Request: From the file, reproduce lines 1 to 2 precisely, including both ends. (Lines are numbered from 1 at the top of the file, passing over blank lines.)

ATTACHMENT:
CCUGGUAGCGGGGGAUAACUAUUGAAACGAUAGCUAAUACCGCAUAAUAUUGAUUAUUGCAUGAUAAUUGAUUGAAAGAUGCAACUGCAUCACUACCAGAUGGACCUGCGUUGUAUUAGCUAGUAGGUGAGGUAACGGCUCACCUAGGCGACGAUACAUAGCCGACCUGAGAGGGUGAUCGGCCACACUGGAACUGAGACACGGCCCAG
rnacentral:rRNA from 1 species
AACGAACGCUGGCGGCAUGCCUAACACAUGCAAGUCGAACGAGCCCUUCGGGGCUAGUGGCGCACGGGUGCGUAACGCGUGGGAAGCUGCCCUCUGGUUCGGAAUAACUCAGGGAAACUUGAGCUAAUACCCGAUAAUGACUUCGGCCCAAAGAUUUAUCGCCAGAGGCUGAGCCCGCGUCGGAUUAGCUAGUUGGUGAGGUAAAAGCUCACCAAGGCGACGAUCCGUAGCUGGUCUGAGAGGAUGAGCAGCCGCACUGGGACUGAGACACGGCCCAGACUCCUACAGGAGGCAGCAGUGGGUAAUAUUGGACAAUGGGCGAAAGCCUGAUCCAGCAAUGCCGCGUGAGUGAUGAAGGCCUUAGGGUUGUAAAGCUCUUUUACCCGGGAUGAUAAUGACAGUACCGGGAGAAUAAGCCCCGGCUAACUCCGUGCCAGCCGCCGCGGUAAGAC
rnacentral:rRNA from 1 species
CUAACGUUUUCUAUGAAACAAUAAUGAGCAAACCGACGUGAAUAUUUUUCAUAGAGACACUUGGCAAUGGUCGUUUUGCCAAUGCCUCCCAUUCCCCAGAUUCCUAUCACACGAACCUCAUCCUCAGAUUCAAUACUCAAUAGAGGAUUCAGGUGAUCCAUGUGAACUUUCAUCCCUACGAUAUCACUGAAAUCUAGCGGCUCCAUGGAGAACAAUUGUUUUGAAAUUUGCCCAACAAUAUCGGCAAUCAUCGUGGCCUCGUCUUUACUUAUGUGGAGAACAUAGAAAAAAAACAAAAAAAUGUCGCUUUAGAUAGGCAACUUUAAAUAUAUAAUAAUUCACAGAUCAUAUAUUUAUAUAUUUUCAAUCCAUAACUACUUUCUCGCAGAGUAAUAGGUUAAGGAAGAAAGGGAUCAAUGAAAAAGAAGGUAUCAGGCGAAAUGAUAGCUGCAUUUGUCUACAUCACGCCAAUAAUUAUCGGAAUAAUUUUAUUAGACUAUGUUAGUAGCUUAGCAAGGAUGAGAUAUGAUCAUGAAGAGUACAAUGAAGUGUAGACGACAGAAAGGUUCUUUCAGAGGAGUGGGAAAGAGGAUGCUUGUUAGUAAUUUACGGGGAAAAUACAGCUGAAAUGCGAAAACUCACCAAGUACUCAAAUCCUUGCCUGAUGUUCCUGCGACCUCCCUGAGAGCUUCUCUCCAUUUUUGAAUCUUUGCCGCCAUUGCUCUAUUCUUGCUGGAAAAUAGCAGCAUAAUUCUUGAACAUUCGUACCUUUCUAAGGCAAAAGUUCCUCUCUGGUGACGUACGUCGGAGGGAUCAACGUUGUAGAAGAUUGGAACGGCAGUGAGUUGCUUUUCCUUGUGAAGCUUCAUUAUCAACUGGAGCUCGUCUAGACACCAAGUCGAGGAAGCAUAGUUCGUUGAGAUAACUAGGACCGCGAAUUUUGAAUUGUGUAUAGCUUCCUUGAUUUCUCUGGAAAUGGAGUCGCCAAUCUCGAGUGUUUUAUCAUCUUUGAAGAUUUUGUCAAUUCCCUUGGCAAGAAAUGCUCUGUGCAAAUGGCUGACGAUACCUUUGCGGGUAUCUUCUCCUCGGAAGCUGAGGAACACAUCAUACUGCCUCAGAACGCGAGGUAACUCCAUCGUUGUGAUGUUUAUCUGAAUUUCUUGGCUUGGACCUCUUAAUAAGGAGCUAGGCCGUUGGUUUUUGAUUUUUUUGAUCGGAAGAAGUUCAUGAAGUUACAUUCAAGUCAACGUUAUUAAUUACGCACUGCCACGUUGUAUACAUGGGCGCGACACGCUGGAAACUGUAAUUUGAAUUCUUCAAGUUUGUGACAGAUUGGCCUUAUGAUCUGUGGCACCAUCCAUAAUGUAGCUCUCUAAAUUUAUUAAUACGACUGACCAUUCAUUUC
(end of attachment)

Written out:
CCUGGUAGCGGGGGAUAACUAUUGAAACGAUAGCUAAUACCGCAUAAUAUUGAUUAUUGCAUGAUAAUUGAUUGAAAGAUGCAACUGCAUCACUACCAGAUGGACCUGCGUUGUAUUAGCUAGUAGGUGAGGUAACGGCUCACCUAGGCGACGAUACAUAGCCGACCUGAGAGGGUGAUCGGCCACACUGGAACUGAGACACGGCCCAG
rnacentral:rRNA from 1 species